Toxicity of cerium oxide nanoparticles to the earthworm Eisenia fetida: Subtle effects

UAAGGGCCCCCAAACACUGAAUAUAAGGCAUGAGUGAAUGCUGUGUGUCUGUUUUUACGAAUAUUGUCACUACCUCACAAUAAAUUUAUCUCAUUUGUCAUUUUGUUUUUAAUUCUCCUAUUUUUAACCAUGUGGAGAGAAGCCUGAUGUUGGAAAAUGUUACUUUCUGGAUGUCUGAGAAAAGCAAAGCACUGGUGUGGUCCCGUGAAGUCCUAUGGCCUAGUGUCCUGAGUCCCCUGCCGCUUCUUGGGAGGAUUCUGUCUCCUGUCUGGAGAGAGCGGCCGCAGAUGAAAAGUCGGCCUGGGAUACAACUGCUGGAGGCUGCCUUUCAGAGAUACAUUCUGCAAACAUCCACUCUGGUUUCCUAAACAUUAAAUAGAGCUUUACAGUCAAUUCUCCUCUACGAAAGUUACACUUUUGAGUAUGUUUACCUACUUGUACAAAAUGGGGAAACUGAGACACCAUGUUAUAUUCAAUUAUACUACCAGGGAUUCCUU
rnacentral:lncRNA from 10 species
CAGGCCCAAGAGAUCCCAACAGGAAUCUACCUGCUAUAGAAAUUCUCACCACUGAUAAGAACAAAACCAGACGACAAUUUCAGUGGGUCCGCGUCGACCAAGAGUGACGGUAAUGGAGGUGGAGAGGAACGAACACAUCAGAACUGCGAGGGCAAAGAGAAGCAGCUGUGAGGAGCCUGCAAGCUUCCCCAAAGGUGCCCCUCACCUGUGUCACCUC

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Environmental context This study investigates the toxicity of cerium oxide nanoparticles to earthworms, key organisms in soil ecosystems. Cerium oxide did not affect survival or reproduction of the earthworms but did exert histological changes. We conclude that current soil guidelines, based simply on metal toxicity, appear to adequately protect against cerium exposure risk, at least for earthworms. Abstract The toxicity of cerium oxide (CeO2) nanoparticles (NPs) in soils is largely unknown. This study aimed to investigate the toxicity of three different CeO2 NPs to the earthworm, Eisenia fetida, for effects on survival (at day 28) and reproduction (at day 56), as well as bioaccumulation and histopathological effects. Eisenia fetida were exposed in standard Lufa 2.2 soil to three CeO2 NPs of different size ranges (5-80nm), one larger particle (300nm) and a cerium salt (ammonium cerium nitrate) over an exposure range from 41-10000mgCekg-1. Survival and reproduction were not affected by the four CeO2 particles, even at the highest exposure concentration tested. Alternatively, 10000mgCekg-1 cerium salt affected survival and reproduction; Median lethal concentration (LC50) and effective concentration (EC50) values were 317.8 and 294.6mgCekg-1. Despite a lack of toxic effect from the different forms of CeO2 particles, there was a dose-dependent increase in cerium in the organisms at all exposure concentrations, and for all material types. Earthworms exposed to CeO2 particles had higher concentrations of total cerium compared to those exposed to ionic cerium, but without exhibiting the same toxic effect. Histological observations in earthworms exposed to the particulate forms of CeO2 did, however, show cuticle loss from the body wall and some loss of gut epithelium integrity. The data suggest that that CeO2 NPs do not affect survival or reproduction in E. fetida over the standard test period. However, there were histological changes that could indicate possible deleterious effects over longer-term exposures. © CSIRO 2014.
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